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In the past, apps in particular were infected with malware from the alternative app reference point Cydia loaded onto jailbroken iPhones. However, a large number of programs from the official app store are also infected with malicious software. "XcodeGhost" is the name of the new threat - and it comes in the guise of developer software.
According to the App Store, one of the infected apps found on many devices has more than 500 million users around the world: Messenger WeChat. However, the developer of the chat program did Tencent Already notified that the infected software has been removed and replaced with a secure counterpart.
The California security company Palo Alto Networks, which is also active at Apple and has already shown some security gaps and dangers there, indicates the number of infected apps in the Apple App Store as "at least 39". The enterprise Qihoo360 Technology from China, on the other hand, reported 344 affected programs.
The malware is a spy program that reads the information from the device and transmits it to a central server. In addition, the software is able to access, read and change the clipboard. It can also open URLs. To make matters worse, the malware brings dialog windows on the display, which ask for passwords and similar confidential and security-relevant data. As a user, you should be careful here whether such queries come at times that actually have nothing to do with an installation or the like.
The new method that was used to equip apps with malware is as ingenious as it is threatening: The manufacturers of the programs for the iOS system received a modified version of the software from the criminal subjects behind the attack Xcodewhich is used as a development tool. This modified version ensures that the included malware automatically migrates into the developed apps.
Xcode is a developer tool that Apple provides free of charge. Apparently the hackers made a modified version available for download on a Chinese server, which was then used by programmers because the download on Apple's own website took too long. This happens especially with large releases, because then many programmers around the world update their software and then look for an alternative download source if necessary.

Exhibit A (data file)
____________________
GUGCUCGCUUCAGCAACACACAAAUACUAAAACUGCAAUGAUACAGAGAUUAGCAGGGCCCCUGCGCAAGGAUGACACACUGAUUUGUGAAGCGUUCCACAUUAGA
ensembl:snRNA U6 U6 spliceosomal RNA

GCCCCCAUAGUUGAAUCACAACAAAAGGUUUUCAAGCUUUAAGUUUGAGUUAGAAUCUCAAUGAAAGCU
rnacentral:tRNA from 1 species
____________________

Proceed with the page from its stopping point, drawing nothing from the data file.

The developers of apps not only include large companies that attach great importance to security and clear B2B channels. Often there are also small start-up projects that quickly implement an idea and thus want to be the first on the market. This led those developers to want to download the Xcode program free of charge from the Apple servers, which can take a long time. The alternative: Load Xcode from the cloud of a Chinese provider (Baidu). This is much faster, but now also seems to be the modified version XcodeGhost to have led.
In addition to the WeChatApp, which is particularly popular in China, where the malicious developer software apparently also comes from, many other apps outside the messenger cosmos are also affected. For example CamCard, a scanner for business cards, or Didi chuxing, a taxi app. Better known apps that are also affected are called WinZip, PDF reader and OPlayer.
Actually, the protection provided by Apple is pretty good. Apple will now probably react quickly and remove the infected apps from the AppStore. In a few days there will be updates for the infected programs so that the "bad" versions of these apps will be overwritten.
If you want to be on the safe side until then, you can look through your apps for the names mentioned above and delete them manually. In addition, I would currently let a week or two pass before I install new apps from smaller developer studios. With AngryBirds and similarly sized apps, the risk of infection is likely to be very low, as these studios certainly do not load any Xcode version from a Chinese cloud, but smaller developers in particular may have fallen for this hack.
In two weeks, however, Apple is likely to have installed a malware check that checks all apps in the app store and the developers concerned will then have provided new, "clean" versions of their apps.
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Jens has been running the blog since 2012. He appears as Sir Apfelot for his readers and helps them with problems of a technical nature. In his free time he drives electric unicycles, takes photos (preferably with his iPhone, of course), climbs around in the Hessian mountains or hikes with the family. His articles deal with Apple products, news from the world of drones or solutions for current bugs.